Google believes itself to be above U.S. copyright law. The tech giant is heading to the Supreme Court this year to defend itself in Google v. Oracle. The case centers on an intellectual property dispute between the company that once had the motto “don’t be evil” and the famed database and cloud computing firm.
Google, having failed to reach a licensing agreement with Oracle over the latter’s well-known Java program, decided to replicate a large section of Java’s code to use in its own mobile operating system. At the time, however, Google’s actions were in direct violation of Java’s existing copyright protections. In essence, Google copied a portion of Java, violating Oracle’s copyright claim to the intellectual property. Oracle sued, and now the Supreme Court will have to sort out liability.
Google’s lawyers argue copyright law doesn’t apply to the tech giant’s dubious practices. Google contends that copying Oracle’s programming code should be considered under the “fair use” exemption to copyright, allowing the company to avoid any backlash. Essentially, this would expand the fair use doctrine to include outright replication, a change Google claims would increase innovation within the industry.
In reality, strong intellectual property protections foster innovation rather than harm it. Google might claim that an expansive interpretation of “fair use” benefits society, but in truth, eroding copyright protections would only serve Google’s interests.
More than that, Google has argued that Oracle’s claim over the entirety of the Java program is unfair because it unduly restricts competition. If the Supreme Court were to strike down Oracle’s copyright, they insist, competitors would be free to use Java’s code, interoperability would increase, and the industry would be better off. In short, Google argues the high court should strip Oracle of its copyright to serve “the greater good.”
There’s only one problem: that’s not how it works in America.
America’s Founders didn’t establish a system of rights that could be infringed if the collective decided it beneficial take them away. Rather, the natural rights enumerated in the Constitution, including the protections provided to intellectual property, are meant to be immutable. Google may believe its replication of Java’s code is a net positive for the software industry. Even if that objectively were the case, Google still wouldn’t have the right to violate Oracle’s copyright protections.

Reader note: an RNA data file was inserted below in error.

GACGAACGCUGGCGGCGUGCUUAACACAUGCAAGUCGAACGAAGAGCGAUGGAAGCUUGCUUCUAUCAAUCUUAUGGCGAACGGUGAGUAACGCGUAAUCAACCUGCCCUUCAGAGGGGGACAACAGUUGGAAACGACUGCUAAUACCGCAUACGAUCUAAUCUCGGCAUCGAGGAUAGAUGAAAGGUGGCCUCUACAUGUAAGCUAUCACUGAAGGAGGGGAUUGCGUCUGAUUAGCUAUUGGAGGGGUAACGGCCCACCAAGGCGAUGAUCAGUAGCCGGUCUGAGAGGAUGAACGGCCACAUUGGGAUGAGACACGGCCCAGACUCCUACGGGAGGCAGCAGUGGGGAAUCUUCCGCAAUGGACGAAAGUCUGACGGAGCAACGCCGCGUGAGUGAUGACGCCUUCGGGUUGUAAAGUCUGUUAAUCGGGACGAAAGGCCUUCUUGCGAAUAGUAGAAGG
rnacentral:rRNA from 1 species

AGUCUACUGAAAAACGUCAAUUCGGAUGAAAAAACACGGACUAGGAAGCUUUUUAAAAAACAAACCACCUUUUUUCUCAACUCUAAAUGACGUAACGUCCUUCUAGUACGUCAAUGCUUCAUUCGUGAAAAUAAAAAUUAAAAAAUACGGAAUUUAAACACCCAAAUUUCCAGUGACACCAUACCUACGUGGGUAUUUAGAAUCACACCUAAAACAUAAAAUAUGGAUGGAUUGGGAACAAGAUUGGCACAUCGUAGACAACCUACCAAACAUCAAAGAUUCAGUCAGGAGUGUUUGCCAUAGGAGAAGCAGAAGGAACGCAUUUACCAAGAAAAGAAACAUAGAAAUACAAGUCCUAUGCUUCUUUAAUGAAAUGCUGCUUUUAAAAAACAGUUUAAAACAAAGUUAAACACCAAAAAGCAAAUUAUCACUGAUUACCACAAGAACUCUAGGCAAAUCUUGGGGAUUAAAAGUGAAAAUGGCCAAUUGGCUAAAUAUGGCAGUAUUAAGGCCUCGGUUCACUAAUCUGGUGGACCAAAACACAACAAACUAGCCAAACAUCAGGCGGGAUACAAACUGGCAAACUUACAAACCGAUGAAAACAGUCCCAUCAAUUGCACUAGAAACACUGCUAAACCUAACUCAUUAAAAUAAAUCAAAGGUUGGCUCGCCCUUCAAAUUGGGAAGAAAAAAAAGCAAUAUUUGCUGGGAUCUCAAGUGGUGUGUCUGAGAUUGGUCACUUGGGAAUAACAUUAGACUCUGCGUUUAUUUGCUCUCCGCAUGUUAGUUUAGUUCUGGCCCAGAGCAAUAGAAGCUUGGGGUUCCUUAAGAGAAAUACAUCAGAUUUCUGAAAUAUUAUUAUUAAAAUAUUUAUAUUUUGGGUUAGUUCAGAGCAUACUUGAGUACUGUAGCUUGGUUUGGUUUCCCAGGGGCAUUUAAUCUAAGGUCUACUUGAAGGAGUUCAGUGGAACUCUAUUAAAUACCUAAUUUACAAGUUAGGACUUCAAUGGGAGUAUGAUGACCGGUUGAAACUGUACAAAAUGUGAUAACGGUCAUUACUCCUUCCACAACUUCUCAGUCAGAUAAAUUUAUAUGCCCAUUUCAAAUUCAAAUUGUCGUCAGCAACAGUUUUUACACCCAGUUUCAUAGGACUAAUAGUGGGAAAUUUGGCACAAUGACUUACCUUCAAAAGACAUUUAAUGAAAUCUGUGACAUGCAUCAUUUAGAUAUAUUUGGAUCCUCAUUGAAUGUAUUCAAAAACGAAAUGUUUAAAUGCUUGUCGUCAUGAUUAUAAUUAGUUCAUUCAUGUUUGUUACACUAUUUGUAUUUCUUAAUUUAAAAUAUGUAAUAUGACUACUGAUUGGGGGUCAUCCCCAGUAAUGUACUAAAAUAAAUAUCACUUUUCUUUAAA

Many liberals believe the Supreme Court should make judgments on behalf of this mythical greater good, a concept that really just means conforming to liberal dogmas. But the real purpose of the Supreme Court is to ask this fundamental question: Is this what the law and the Constitution intended?
The founders were clear about the subject of copyright. They outlined IP protections within the Constitution itself. In Article I, Section 8, the nation’s charter details that Congress has the power “To promote the Progress of Science and useful Arts, by securing for limited Times to Authors and Inventors the exclusive Right to their respective Writings and Discoveries.”
James Madison wrote at length on the subject. In Federalist 43, Madison touched on the clause’s inclusion within the Constitution, defending its importance.
“The utility of this power will scarcely be questioned,” he argued. “The copyright of authors has been solemnly adjudged, in Great Britain, to be a right of common law. The right to useful inventions seems with equal reason to belong to the inventors.” A copyright cannot simply be stripped away because Big Tech says it would be for the greater good.
Sadly, Google doesn’t respect the Founders’ intentions or the law. “Google’s leadership doesn’t care terribly much about precedent or law,” a top Google lawyer once revealed.
The tech giant is also hypocritical in its claim to stand up for free-market competition. The company does everything within its power to maintain a monopoly over the search engine market and a duopoly with Apple on the mobile phone market. Google aggressively opposes competition when it comes to its own business, yet pretends to care about this principle when it needs to defend its own copyright infringement.
While Google may do its best to argue that its copyright violation was for the greater good, that claim should fall on deaf ears. Google disingenuously deploys this argument to mask their dubious business practices. Copyright law still applies to the tech giant, and the company must face the music for its duplicity.